• St. Aidan's

Mary in Hiking Boots

February 2, 2020

Lucy Reid

I just became aware this year of Sad Monday – the third or forth Monday of January supposedly being the saddest day of the year (in the Northern hemisphere) because we’re generally fed up with winter, suffering from the shortage of daylight, and, well, it’s a Monday. You may be one of those who suffers from SAD - seasonal affective disorder. Even if you don’t, you’re probably yearning by now for more sunshine, more warmth, more daylight. Or perhaps you’re planning to escape winter and travel to somewhere further south for a while.

Yearning for the light. It’s the theme of today:

· On this date we celebrate the Feast of the Presentation – Jesus at a little less than six weeks old being brought to the temple in Jerusalem by Mary and Joseph, and there being recognized as the Messiah that people have been longing for.

· In pre-Christian times this was Imbolc, halfway between the winter and spring solstices, the Goddess Brigid’s day (now St Brigid) when the beginning of spring was celebrated.

· We also know it in our churches as Candlemas – 40 days after Christmas, with light growing in the darkness and the symbolic blessing of candles.

· And of course it’s Groundhog Day, when we hope Wiarton Willie will tell us that winter won’t last much longer.

All that yearning for light….

Let’s go back to the scene in the temple.

Mary and Joseph with their little son start as the centre of the story. They’re doing what all new parents in Judaism were to do according to the law: coming to the temple for the rites of purification for the new mother, and dedication for the child. They’ve brought two pigeons to offer for sacrifice.

But then two other people enter the scene, and the focus shifts.

First it’s Simeon, who recognizes that Jesus is the promised Messiah, and takes him in his arms and utters the thanksgiving that many of us know as the lovely Evensong canticle, the Nunc Dimittis. “Lord, now I can die in peace,” he says, “because I’ve seen your salvation and your light in this child.” Simeon has been waiting and praying and yearning all this time for the Messiah, for hope for Israel, and now the promised one is here. It’s a beautiful and moving moment. For him the light has come.

Then Anna comes into the scene, a prophet, an elderly widow, who spends all her time in the temple day and night fasting and praying. This holy woman, who also recognizes Jesus for who he is, begins praising God and talking about him to the people around, who, like so many, have been longing for redemption for their nation, for hope, for God to come and deliver them.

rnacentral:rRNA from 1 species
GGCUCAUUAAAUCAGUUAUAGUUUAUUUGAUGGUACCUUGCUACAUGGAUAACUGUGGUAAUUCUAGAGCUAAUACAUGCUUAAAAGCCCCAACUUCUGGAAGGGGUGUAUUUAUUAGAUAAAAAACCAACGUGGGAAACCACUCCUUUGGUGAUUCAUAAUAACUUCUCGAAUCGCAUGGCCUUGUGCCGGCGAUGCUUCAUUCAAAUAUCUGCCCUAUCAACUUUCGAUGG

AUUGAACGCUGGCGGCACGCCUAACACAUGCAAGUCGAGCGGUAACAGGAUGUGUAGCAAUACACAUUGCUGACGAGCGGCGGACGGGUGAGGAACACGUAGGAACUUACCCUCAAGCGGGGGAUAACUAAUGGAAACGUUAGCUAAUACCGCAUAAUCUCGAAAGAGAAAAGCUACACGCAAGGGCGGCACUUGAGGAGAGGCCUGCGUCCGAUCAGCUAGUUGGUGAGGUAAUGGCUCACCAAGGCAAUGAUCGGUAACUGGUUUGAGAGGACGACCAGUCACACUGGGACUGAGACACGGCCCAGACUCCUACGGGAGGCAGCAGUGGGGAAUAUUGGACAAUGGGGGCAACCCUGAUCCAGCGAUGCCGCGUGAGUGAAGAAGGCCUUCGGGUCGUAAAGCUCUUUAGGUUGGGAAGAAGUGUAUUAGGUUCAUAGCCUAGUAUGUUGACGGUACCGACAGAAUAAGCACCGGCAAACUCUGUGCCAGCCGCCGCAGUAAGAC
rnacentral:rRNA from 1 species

Imagine coming with a very young child to a place where you’re told he’s the one, he’s the promised Messiah, he embodies all your people’s hopes and yearnings. Luke’s gospel says that Mary and Joseph were amazed at what was being said about Jesus.

But there’s more. Simeon has words for Mary, too. He tells her that Jesus’ destiny will be opposed, and that a sword will pierce Mary’s heart. In other words, it’s not the road of fame and fortune and power and glory ahead for Jesus; it will lead to suffering. And we know what the future held for Mary, standing at the foot of the cross as her beloved son was crucified. The light coming into the world will not always be easy to bear.

Today’s passage from the prophet Malachi says that God’s coming close to us is like a metalworker’s fire refining silver or gold, or a fuller’s soap bleaching fabric. It purifies and works to remove the blemishes, the tarnish. And that isn’t easy; it’s painful.

We yearn for light, but when it shines it shows up the darkness and imperfections. (Like my friend who had her cataracts removed and new lenses inserted into her eyes, and then she saw much more brightly and clearly, but realized with horror how many wrinkles she had on her face that she’d never been able to see before.)

Israel was longing for a Messiah: Jesus was recognized as that Messiah. But his path was one of self-sacrifice, costly love, hard decisions and difficult inner transformations. Sometimes it’s easier to stay in the darkness.

In my life I’ve found that the times I’ve felt I’m following Jesus’ way more closely are also the times that are more challenging and difficult. Times of personal pain and suffering have led me to run to God for help and comfort. But it’s also true that when I’m closer, when I feel inspired and on the good path, more is asked of me – more self-examination and honesty and active compassion and courageous discipleship.

We need the light that Christ embodies, just as we need the return of spring each year.

The light of Christ shining in our lives helps us to see the way. But it’s not a way of ease and pleasure. If the light shines on the tarnishing within us, there’ll be some scrubbing ahead.

Anglicans aren’t usually big on Mary, but I think she’s a remarkable role model for us as Jesus people, because of her strength, her courage, her ability to ponder and take things in, her deep trust and faithfulness, and her willingness to take the hard path and be transformed. She started out as a simple teenager in a peasant community, and then became pregnant out of wedlock, then a migrant and a refugee, a parent of an extraordinary child, and finally a part of the Jesus community who stayed with him till the end and new beginning.

Mary for me isn’t all meekness and bowed head and blue robes, but has good hiking boots on, with a warm, ample body for dispensing hugs, and weathered skin, and laugh lines, and calm, wise eyes. Oh, and she’s had her cataracts done so she sees really clearly. She’s seen the light, and she’s allowed it to transform her. Mary is an image for us of what it means to be a disciple: to allow the light to show up the darkness, and to trust in the profound transformation that can bring.


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